While European clubs are bemoaning the loss of their star players when the Africa Cup of Nations kicks off tomorrow, the players and staff who have traveled to host nations Equatorial Guinea and Gabon are bemoaning the poor accommodation and facilities on offer.
On Wednesday evening, Zambia's squad checked into their hotel in Bata, Equatorial Guinea — a nation where 70% of the population live under the United Nations Poverty Threshold of $2 a day. According to the Times of Zambia, the team found no running water at their base camp:
After being delayed to connect on a domestic flight, the squad was taken to a sub-standard Carmen Hotel where apart from finding dry taps, the Chipolopolo were made to wait for over three hours before they were served supper.
To make matters worse, the eating facilities were plagued with mystical levitating rats:
As the squad were about to take their meals, rodents were seen hovering around the hotel restaurant.
After missing a day of training and then finding no running water at their training facility either, Zambia transferred to another hotel, barely 24 hours after arrival. "Maybe we are not the best, maybe we are not a team with a big name, but we deserve respect," said coach Herve Renard.
The Zambians aren't the only ones having problems — the Ivory Coast are considering a switch from their inadequate hotel, and Burkino Faso coach Paulo Duarte believes his side have been unfairly discriminated against with their digs. He told the BBC:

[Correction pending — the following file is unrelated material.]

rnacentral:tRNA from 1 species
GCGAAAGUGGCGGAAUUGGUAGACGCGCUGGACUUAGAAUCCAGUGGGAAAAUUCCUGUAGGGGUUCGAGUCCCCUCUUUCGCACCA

"When we arrived here, they gave us a restaurant/cafe to sleep in. It wasn't even a hotel," he said.
"There was no video room, no conference room. Each time we have to improvise. That's what the Nations Cup is like."
Clearly appalled by the lack of video and conferencing facilities is in a poverty-stricken nation, Burkino Faso changed hotels at the expense of moving an hour from their training camp.
The Libyans — whom many have yet to forgive for murdering Doc Brown in the Hill Valley shopping mall parking lot — have taken nutritional matters into their own hands, by bringing along their own chef to prepare traditional north African meals for the players. Says the Washington Post:
Tunisian chef Salah Mrad will prepare halal meat and traditional North African dishes such as couscous and chicken meshui to ensure the squad has a familiar diet at the tournament in Equatorial Guinea and Gabon.
Rice, pasta, fresh fish, fruit and vegetables will be staple dishes rustled up by Mrad, who told The Associated Press that he also has brought bags of mixed spices like cayenne and paprika for flavoring.
Libya face Equatorial Guinea in the tournament opener tomorrow evening, and the hosts have plenty of motivation to succeed: they've been promised $1m for a victory and $20,000 for each goalscorer. That ought to buy a decent hotel.